The maximum known extension of a human neck is 40 cm (15.75 in) and was created by the successive fitting of copper coils, as practiced by the women of the Padaung or Kareni tribe of Myanmar (Burma) as a sign of beauty. Their necks eventually become so long and weak that they cannot support their heads without the coils. In some tribes the coils are removed to punish women who have committed adultery.
Only initial discomfort is reported after the coils are set, yet the distance from earlobe to collarbone lengthens to more than double the average. Legend says that the rings protect women from the tiger that killed an ancient princess. Because the practice can be fatal if the coils are removed, it has been increasingly discouraged in modern times. However, tourist demand has recently revived this dangerous practice, with Paduang tribe girls being initiated as early as five years old.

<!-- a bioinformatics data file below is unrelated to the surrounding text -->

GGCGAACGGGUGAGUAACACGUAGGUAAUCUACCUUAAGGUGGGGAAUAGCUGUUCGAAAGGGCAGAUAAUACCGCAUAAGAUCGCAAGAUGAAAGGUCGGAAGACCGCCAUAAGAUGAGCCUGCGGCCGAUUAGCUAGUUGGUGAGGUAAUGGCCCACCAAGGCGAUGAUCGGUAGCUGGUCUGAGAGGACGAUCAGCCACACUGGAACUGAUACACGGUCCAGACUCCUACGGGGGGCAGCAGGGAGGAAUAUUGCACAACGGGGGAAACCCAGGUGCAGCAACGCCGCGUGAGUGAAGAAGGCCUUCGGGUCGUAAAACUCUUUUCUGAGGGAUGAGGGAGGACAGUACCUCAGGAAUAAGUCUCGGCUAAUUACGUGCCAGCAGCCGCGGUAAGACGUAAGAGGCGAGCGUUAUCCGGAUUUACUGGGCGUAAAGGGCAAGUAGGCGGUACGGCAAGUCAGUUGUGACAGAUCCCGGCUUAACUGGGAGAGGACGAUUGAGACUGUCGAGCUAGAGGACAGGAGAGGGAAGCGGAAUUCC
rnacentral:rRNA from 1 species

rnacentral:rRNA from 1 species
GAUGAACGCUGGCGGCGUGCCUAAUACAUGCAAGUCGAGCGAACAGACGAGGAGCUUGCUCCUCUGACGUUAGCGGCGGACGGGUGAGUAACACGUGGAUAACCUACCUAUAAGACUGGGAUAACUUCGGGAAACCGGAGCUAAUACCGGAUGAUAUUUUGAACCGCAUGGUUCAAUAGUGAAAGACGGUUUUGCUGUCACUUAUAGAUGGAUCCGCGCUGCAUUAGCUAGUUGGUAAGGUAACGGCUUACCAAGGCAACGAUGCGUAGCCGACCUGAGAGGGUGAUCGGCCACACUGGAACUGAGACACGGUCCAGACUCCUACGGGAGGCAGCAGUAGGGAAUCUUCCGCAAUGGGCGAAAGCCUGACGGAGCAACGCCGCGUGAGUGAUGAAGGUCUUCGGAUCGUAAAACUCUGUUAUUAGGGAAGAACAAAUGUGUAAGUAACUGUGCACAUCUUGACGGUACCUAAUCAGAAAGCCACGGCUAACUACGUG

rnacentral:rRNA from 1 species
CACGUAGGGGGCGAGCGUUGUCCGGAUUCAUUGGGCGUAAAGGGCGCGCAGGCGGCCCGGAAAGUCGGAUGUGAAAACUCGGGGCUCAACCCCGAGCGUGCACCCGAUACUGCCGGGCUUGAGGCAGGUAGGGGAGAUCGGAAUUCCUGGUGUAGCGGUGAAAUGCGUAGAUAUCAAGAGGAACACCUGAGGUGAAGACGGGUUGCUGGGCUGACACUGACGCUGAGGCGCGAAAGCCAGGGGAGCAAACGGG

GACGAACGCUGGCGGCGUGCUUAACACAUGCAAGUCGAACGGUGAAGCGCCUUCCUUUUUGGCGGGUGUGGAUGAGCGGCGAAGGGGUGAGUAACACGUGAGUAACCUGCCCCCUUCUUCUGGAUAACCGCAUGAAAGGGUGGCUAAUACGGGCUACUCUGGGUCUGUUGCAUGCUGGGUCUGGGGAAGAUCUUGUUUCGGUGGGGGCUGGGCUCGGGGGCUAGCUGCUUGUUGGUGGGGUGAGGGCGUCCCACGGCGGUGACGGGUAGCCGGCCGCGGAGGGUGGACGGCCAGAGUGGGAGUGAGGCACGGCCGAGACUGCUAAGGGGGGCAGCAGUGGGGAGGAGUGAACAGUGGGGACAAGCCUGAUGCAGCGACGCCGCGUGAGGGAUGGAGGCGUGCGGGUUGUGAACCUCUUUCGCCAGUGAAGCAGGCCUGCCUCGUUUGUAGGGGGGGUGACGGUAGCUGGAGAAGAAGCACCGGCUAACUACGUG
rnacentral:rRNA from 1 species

Comments below may relate to previous holders of this record.